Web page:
I left the Circus Band and headed to the balcony area. Taking a seat for some rest, I arrived as Tangleweed was wrapping up. A fierce and fun bluegrass outfit, they finished strong and immediately introduced newgrass heavyweights the Emmitt-Nershi Band.

The bluegrass super-group, led by Drew Emmitt of Leftover Salmon and Billy Nershi of The String Cheese Incident, played a joyful set anchored by new material off their recent release, New Country Blues. There are blues and country influences in these songs, but the band is undoubtedly bluegrass. Banjo player Andy Thorn and bassist Tyler Grant are not backup musicians. Thorn's playing is both subtle and affecting, and Grant's bass gives the band its punch. Both Emmitt and Nershi were in good spirits and their set sparked some great conversation.

Scott McMicken - Dr. Dog
Chicago Blues and Bluegrass 2009
I never returned to the lobby area, although I heard reports of great sets from The Shams Band and Holy Ghost Tent Revival. I had taken over one of the skyboxes, sitting comfortably in the box's open window for Majors Junction's set. An interesting band, they played a rocking set that included a messy but fun cover of Dylan's "To Be Alone With You."

Béla Fleck and the Flecktones took the stage just after 8 p.m. By this time, the main floor was filled and balcony seats were becoming scarce. Attendance estimates were around 3500-plus. The band opened with "Next," immediately showcasing their collective virtuosity that left my mouth agape most of the set. With three musicians who are mentioned regularly as the best in their niche and one member, Future Man, who actually invented an instrument, the Flecktones are as skilled a group as one could hope to see.

Their set was heavy on the holiday cheer, which may have divided the audience. While all accept that this is the Flecktones' tour in support of 2008's Grammy-Winning Jingle All the Way, many of us yearned for more of their original material. Nonetheless, Béla and the boys were magnificent. It was Future Man explaining how his Synthaxe Drumitar works. It was Victor Wooten jamming along to himself, bounding wistfully through "Have Yourself a Merry Little Christmas." It was definitely Jeff Coffin blowing two saxes at once and Béla picking faster and clearer than I've ever heard. When you are as good as this group, it is hard to argue setlist choices.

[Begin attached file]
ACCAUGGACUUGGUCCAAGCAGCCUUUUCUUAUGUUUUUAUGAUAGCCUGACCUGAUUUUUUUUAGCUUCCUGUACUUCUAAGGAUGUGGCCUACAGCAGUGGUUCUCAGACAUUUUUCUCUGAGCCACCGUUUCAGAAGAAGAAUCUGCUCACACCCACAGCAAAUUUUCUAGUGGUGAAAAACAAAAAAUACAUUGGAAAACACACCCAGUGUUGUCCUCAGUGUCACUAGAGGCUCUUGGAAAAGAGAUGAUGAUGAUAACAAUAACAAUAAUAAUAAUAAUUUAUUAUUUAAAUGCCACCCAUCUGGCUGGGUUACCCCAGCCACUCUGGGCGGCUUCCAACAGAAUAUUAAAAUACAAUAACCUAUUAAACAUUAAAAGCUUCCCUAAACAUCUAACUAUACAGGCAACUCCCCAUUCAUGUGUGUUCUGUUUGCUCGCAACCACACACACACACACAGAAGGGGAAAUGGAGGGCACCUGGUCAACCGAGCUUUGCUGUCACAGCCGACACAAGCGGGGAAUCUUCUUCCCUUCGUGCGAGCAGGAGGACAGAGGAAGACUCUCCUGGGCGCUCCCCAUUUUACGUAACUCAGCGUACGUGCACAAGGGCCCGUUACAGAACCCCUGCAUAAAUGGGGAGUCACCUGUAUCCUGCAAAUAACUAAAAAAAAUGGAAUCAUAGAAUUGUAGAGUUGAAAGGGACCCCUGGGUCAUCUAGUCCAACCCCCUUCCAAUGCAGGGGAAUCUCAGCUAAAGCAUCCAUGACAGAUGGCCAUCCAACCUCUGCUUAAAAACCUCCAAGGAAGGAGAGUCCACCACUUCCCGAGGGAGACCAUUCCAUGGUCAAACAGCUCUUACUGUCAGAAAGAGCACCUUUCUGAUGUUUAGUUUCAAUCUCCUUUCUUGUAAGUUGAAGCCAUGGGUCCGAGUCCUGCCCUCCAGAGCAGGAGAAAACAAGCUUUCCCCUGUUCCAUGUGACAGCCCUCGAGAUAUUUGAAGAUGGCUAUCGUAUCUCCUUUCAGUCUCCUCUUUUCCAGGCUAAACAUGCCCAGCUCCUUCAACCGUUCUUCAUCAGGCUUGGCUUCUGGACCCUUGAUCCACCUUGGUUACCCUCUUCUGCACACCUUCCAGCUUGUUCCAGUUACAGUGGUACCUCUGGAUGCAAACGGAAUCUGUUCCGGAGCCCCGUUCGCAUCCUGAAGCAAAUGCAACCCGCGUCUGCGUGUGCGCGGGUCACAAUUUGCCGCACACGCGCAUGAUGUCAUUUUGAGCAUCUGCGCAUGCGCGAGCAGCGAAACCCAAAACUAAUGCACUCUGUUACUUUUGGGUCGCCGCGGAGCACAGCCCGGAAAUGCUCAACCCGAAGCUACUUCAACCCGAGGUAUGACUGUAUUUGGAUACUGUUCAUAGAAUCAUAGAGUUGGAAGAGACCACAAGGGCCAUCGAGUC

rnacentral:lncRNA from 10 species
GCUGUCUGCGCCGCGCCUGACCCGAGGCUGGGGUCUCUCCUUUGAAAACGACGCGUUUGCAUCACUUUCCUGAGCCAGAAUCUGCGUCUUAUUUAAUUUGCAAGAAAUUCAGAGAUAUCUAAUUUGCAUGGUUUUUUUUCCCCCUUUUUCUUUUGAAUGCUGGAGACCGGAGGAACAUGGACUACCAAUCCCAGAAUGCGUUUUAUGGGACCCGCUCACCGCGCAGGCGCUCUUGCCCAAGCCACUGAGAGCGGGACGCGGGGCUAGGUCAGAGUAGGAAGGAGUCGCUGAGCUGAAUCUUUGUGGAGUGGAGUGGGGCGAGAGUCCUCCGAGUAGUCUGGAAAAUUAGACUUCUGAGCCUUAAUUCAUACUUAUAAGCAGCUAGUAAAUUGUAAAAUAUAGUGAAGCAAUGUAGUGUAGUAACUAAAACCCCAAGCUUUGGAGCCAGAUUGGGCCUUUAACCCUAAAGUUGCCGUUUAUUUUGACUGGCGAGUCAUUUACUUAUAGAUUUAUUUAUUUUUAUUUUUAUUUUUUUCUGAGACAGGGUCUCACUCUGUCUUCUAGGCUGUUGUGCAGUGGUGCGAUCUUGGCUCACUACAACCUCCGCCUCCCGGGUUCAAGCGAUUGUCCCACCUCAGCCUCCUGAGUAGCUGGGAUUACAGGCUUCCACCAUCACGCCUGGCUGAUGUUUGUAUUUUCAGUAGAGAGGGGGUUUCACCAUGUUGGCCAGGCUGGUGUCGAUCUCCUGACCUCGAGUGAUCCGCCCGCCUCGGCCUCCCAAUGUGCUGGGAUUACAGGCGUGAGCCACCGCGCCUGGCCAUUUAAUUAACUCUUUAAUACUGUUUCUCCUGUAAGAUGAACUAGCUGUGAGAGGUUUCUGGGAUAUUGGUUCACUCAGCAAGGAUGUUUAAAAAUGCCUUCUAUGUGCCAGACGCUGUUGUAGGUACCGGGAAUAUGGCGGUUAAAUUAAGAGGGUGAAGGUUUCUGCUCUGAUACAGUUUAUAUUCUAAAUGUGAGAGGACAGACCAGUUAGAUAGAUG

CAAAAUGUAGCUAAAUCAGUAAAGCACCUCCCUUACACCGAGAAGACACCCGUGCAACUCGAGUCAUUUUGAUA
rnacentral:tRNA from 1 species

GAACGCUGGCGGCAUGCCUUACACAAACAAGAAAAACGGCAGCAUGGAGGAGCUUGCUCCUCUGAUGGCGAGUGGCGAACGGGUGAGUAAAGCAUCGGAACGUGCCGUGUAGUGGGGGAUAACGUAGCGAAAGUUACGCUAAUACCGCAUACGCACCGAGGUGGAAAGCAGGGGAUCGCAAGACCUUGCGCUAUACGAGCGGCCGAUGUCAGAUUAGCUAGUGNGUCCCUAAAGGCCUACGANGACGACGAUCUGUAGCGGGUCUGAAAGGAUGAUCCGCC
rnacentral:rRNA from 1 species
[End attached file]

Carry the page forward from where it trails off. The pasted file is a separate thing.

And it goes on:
There was also little to argue over with Dr. Dog's 90-minute finale to close the evening. Battling a temporarily blown bass amp and the fatigue of a thousand baby-boomer Flecktone fans, Dr. Dog captured new fans, young and old, in front of their largest Chicago crowd to date. They brought a boost of upbeat joy to a crowd thirsty for vocal melodies and sing-alongs. They left if on the stage during hopeful heart-wrenchers like "My Friends" and "The Ark" so the tiring mass wouldn't leave the building. And for the most part, it worked.

2010 should be a great year of growth for the Chicago Blues and Bluegrass Festival. This author hopes the organizers will continue to pursue an eclectic lineup, and focus on the young and curious crowd it serves so well. In addition to more indie and psychedelic folk, several artists should be invited back, including The Right Now, Mike Mangione, and Majors Junction, to name a few. Bluegrass fans, of course, hope the stars will align to bring Cornmeal into the fold. Whatever happens next, this year's festival was confirmation that this great party has the potential to get even better next December.

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[Published on: 1/18/10]